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BLOGS: OTA Looks Back at 2018

The 18th year in the millennium was a year of many firsts for Out of the Ash Productions. From a strange and exciting foray into the logistics and warehousing world to taking part in a plethora of new events, the calendar year kept us on our toes. To say the least.

On January 1, OTA began work under a contract with Red Bull to warehouse and manage all infrastructure logistics for activations across the Rocky Mountains, including Colorado, New Mexico, and Wyoming. Exactly six months later, on June 1, OTA signed an additional contract with Red Bull to manage identical operations throughout Utah. Within a year, OTA has established two warehouse complexes (Evergreen, Co and West Valley City, Ut) and an office headquarters in Evergreen, Co.

“Adding these warehouses and these logistic programs was a big pill for us to swallow in a very short time. Tarik and I spent a lot of hours over many different days staring at The Great Salt Lake and pondering this progression into Utah. The transition went better than I could have imagined,” says OTA President David Unterreiner. “The real story though are the guys on the ground who are making these connections and establishing a network for the company. I’m proud of the logistics side of operations but I think I’m more impressed with the progress made on the event side this past year. We added a lot of events to our schedule in 2018 that have never previously been there. Our scope and reach is expanding and that is a direct testament to the crew making it happen.”

With twelve never-before-seen projects shaping up in 2018, a new project was added for each month of the year. Seven of those new events were in the form of music festivals, an entirely new landscape for OTA. Having been involved very minimally in the music festival scene previously, the music vibes were a fresh feel for the staff.

“It’s easy to enjoy every event we do but it was really nice to be able to enjoy good music this year as well,” said Tarik Berrada, OTA foreman. “It was just something a little different to help break the rhythm of the logistics world. We did get to see some iconic music and musicians in some unique venues. We have very good stories to tell after this year….stories we probably shouldn’t tell.”

As far as events go, 2018 was plush with new projects. A foray into the motorsports world brought OTA crews to the Lucas Oil Pro Motocross Championship at Thunder Valley in Lakewood, Co, Travis Pastrana’s Nitro World Games in Salt Lake City, Ut, and an exhibition Formula 1 event in Miami, Fl.


“Obviously anything that Travis Pastrana touches is instant entertainment and we will always love being anywhere that Travis is,” says Unterreiner. “The Formula One world though is on a different level. The scope and scale of an actual full Formula One race is so incredible and dynamic and massive. It was very fun to gain an understanding of that sport a bit and to actually be on the ground and see what it takes to make even one street block safe. To have an entire race through downtown Miami is hard to wrap a head around….I really hope they can pull it off. That Biscayne Bay area in Miami is absolutely perfect for it.”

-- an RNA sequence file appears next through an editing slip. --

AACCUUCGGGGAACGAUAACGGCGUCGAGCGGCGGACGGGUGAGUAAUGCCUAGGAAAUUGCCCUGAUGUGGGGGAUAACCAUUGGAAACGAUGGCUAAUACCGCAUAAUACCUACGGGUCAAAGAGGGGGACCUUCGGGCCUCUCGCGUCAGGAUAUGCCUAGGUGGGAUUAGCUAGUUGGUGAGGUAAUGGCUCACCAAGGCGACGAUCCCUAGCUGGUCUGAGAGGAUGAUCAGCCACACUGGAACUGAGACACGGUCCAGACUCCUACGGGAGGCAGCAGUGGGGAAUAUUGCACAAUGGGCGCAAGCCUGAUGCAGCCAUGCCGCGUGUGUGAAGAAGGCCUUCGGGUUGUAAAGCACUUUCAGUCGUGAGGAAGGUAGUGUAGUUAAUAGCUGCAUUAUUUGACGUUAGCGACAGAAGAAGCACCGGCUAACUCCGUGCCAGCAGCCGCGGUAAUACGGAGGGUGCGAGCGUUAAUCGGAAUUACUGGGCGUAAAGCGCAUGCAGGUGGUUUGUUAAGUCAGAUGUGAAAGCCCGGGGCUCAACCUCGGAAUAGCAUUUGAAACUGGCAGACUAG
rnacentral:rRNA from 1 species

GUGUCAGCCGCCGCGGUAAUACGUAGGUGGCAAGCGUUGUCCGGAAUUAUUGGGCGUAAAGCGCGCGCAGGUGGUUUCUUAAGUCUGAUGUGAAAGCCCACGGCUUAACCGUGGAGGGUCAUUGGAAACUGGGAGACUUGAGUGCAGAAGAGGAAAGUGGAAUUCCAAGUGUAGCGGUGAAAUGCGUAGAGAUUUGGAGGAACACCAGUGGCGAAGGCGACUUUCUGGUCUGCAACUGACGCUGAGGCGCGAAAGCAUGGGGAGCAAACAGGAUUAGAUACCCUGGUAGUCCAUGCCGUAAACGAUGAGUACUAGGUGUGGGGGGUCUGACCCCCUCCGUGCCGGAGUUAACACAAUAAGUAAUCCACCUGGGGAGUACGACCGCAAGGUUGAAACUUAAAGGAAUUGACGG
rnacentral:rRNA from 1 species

Despite the pull towards different scenes, it was back on the home terrain that OTA got its biggest kick of the year.

“It’s the last week in January and we’re rolling up to Jackson, Wyoming for this thing called Kings and Queens of Corbet’s. Brand new event and I’m thinking we’re just rolling in and helping with the party,” explains Unterreiner. “Didn’t even bring my ski’s. We roll in late at night and the next morning we are on the gondola before it’s even open to the public and I’m trying to fit into rental boots and skis on the way up. I didn’t get my boots strapped until I was standing on top of Corbet’s and beginning to grasp the reality of the event.”

The reality: skiers were going to have a trick contest off the top of the iconic and massive couloir that is Corbet’s. An inaugural event that saw relatively unknown rippers become overnight internet sensations.

“The idea behind the event would be strange enough for most people,” says Aaron Green, OTA foreman. “The levels that the athletes took their tricks to bordered on insanity for anybody. Free-falling front flips off Corbet’s? Who does that?”

“We are just in the middle of this constantly progressive industry of who can do what next,” Unterreiner adds. You got some teenage kid standing on top of a massive couloir about to drop in….who know’s what they’re going to do. There is a live-feed drone in their face and they’re going to try to do something nobody has ever seen before. Every time you wake up there’s a new boundary. Just yesterday, I saw a video of two guys flying INTO an airplane. It’s fascinating.”

Here’s hoping the fascination continues!

The Digital Content Transition: Bog Down or Fly?

    OTA Productions is embedded deep into an ever-changing landscape of logistics, event production, and digital content. As we wade forward into 2019, and reflect back on the last two years, we’ve noticed an obvious and major industry transition. A massive shift from localized, community-orientated brand building events towards a jockey for position in the digital content world. As it was just two years ago, it is no longer satisfactory to have your brand recognized by 30,000 people in one community. Your brand needs to be seen by millions of people all over the world.

    Brand building companies across the world could be compared to the beginning of a sailboat race before any of the boats cross the line. It’s a hectic, pressurized, and constant jockey for position. Who can get the momentum and the wind? There’s a hundred boats in one small area and they’re all trying to cross the starting line in the exact same spot. Not every boat is going to get the wind. Not every brand is going to get the views. Watching it unfold and being immensely involved has become thrilling as each company tries diligently to stand on top of the globe. As a result, the media content we are now seeing is astonishing. Whether it’s the Discovery Channel showing you the day to day life of an obscure animal that lives in an underwater cave or it’s Tesla sending a mannequin through space in an orbiting car or it’s Red Bull hooking up Felix Baumgartner so he can free fall 128,100 feet….the push for progress is fascinating and quite unbelievable.

    Not secluded to this industry alone, the transformation to digital content is widespread and worldwide. Are you even a player without multiple social media platforms? A YouTube channel? Or, as our biggest client has done, its own TV network streaming its own digital content 24 hours a day, seven days a week, 365 days a year?